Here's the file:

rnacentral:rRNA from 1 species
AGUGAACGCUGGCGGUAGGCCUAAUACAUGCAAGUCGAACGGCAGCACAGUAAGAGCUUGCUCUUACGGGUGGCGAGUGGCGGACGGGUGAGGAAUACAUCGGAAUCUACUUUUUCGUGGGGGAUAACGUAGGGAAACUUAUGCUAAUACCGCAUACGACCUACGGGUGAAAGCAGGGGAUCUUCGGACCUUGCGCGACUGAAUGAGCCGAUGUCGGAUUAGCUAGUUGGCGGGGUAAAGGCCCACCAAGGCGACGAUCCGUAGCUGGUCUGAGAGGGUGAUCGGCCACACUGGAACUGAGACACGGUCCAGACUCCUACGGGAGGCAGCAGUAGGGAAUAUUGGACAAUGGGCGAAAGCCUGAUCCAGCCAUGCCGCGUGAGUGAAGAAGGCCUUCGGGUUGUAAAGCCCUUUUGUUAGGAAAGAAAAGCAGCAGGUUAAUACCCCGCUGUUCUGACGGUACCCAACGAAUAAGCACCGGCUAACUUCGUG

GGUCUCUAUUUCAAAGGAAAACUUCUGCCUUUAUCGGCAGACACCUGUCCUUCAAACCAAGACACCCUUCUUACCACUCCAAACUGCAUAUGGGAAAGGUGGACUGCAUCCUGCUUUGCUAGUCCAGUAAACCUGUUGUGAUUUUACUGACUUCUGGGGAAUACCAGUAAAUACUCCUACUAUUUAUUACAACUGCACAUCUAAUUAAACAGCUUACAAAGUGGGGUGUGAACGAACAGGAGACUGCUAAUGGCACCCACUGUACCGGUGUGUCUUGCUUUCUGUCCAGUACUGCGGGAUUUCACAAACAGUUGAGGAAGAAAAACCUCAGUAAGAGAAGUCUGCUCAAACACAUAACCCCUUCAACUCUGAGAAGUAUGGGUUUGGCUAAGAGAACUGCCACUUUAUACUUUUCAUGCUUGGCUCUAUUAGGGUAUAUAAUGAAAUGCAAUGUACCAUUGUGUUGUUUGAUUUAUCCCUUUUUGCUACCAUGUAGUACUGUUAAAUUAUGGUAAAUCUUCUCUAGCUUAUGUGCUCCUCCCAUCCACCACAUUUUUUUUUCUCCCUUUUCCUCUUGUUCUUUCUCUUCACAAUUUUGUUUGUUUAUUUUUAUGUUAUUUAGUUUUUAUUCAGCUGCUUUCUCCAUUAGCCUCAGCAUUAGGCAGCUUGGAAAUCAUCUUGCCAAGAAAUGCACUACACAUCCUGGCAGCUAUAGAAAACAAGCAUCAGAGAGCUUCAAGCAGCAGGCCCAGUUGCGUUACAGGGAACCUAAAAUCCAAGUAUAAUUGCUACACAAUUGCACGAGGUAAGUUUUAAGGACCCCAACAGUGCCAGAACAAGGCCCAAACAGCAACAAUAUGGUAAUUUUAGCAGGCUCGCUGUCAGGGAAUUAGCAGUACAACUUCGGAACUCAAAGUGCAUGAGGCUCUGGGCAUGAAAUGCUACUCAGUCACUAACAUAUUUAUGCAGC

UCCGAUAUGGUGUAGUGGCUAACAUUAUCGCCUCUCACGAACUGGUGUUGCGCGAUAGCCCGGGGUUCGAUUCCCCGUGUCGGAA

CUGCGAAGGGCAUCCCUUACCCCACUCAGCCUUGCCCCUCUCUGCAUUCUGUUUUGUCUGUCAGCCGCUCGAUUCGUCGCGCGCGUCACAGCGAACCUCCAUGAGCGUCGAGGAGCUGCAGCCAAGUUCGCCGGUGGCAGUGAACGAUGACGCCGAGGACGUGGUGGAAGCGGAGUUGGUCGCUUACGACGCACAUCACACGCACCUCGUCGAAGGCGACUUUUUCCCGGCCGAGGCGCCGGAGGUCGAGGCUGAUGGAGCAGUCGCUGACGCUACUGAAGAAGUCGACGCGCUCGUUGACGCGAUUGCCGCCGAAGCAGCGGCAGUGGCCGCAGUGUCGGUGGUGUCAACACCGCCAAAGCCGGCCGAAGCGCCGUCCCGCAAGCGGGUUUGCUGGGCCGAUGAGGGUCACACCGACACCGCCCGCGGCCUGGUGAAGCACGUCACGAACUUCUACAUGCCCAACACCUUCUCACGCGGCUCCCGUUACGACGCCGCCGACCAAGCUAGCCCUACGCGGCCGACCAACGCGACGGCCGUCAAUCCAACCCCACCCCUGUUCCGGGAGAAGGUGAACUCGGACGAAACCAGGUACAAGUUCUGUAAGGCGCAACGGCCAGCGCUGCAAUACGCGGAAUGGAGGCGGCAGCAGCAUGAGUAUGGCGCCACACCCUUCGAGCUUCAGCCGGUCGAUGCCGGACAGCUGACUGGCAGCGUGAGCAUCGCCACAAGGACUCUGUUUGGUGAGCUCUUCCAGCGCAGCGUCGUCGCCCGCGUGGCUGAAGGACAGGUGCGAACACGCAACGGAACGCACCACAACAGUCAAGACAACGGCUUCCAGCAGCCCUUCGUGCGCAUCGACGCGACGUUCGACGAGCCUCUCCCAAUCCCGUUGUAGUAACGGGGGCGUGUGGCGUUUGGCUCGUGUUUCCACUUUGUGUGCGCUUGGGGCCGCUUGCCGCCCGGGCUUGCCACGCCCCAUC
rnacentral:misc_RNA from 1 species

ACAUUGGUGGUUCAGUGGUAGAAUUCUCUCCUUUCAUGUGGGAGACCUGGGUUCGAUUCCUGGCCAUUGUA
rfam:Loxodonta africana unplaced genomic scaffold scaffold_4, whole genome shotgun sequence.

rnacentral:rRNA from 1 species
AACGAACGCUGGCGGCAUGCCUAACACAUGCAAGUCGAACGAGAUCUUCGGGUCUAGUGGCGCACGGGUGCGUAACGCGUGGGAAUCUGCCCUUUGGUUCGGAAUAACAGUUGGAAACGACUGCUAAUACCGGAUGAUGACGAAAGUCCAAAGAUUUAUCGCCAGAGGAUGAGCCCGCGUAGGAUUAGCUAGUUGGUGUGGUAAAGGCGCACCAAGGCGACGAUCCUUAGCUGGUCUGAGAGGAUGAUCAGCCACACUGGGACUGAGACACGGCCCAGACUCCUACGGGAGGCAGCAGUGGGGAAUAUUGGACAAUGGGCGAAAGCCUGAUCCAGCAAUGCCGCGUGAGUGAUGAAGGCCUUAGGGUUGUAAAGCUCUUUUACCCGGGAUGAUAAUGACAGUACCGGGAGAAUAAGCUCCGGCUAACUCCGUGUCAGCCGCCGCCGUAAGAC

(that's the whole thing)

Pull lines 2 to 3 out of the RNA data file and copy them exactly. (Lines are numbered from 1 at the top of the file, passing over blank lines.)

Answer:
AGUGAACGCUGGCGGUAGGCCUAAUACAUGCAAGUCGAACGGCAGCACAGUAAGAGCUUGCUCUUACGGGUGGCGAGUGGCGGACGGGUGAGGAAUACAUCGGAAUCUACUUUUUCGUGGGGGAUAACGUAGGGAAACUUAUGCUAAUACCGCAUACGACCUACGGGUGAAAGCAGGGGAUCUUCGGACCUUGCGCGACUGAAUGAGCCGAUGUCGGAUUAGCUAGUUGGCGGGGUAAAGGCCCACCAAGGCGACGAUCCGUAGCUGGUCUGAGAGGGUGAUCGGCCACACUGGAACUGAGACACGGUCCAGACUCCUACGGGAGGCAGCAGUAGGGAAUAUUGGACAAUGGGCGAAAGCCUGAUCCAGCCAUGCCGCGUGAGUGAAGAAGGCCUUCGGGUUGUAAAGCCCUUUUGUUAGGAAAGAAAAGCAGCAGGUUAAUACCCCGCUGUUCUGACGGUACCCAACGAAUAAGCACCGGCUAACUUCGUG

GGUCUCUAUUUCAAAGGAAAACUUCUGCCUUUAUCGGCAGACACCUGUCCUUCAAACCAAGACACCCUUCUUACCACUCCAAACUGCAUAUGGGAAAGGUGGACUGCAUCCUGCUUUGCUAGUCCAGUAAACCUGUUGUGAUUUUACUGACUUCUGGGGAAUACCAGUAAAUACUCCUACUAUUUAUUACAACUGCACAUCUAAUUAAACAGCUUACAAAGUGGGGUGUGAACGAACAGGAGACUGCUAAUGGCACCCACUGUACCGGUGUGUCUUGCUUUCUGUCCAGUACUGCGGGAUUUCACAAACAGUUGAGGAAGAAAAACCUCAGUAAGAGAAGUCUGCUCAAACACAUAACCCCUUCAACUCUGAGAAGUAUGGGUUUGGCUAAGAGAACUGCCACUUUAUACUUUUCAUGCUUGGCUCUAUUAGGGUAUAUAAUGAAAUGCAAUGUACCAUUGUGUUGUUUGAUUUAUCCCUUUUUGCUACCAUGUAGUACUGUUAAAUUAUGGUAAAUCUUCUCUAGCUUAUGUGCUCCUCCCAUCCACCACAUUUUUUUUUCUCCCUUUUCCUCUUGUUCUUUCUCUUCACAAUUUUGUUUGUUUAUUUUUAUGUUAUUUAGUUUUUAUUCAGCUGCUUUCUCCAUUAGCCUCAGCAUUAGGCAGCUUGGAAAUCAUCUUGCCAAGAAAUGCACUACACAUCCUGGCAGCUAUAGAAAACAAGCAUCAGAGAGCUUCAAGCAGCAGGCCCAGUUGCGUUACAGGGAACCUAAAAUCCAAGUAUAAUUGCUACACAAUUGCACGAGGUAAGUUUUAAGGACCCCAACAGUGCCAGAACAAGGCCCAAACAGCAACAAUAUGGUAAUUUUAGCAGGCUCGCUGUCAGGGAAUUAGCAGUACAACUUCGGAACUCAAAGUGCAUGAGGCUCUGGGCAUGAAAUGCUACUCAGUCACUAACAUAUUUAUGCAGC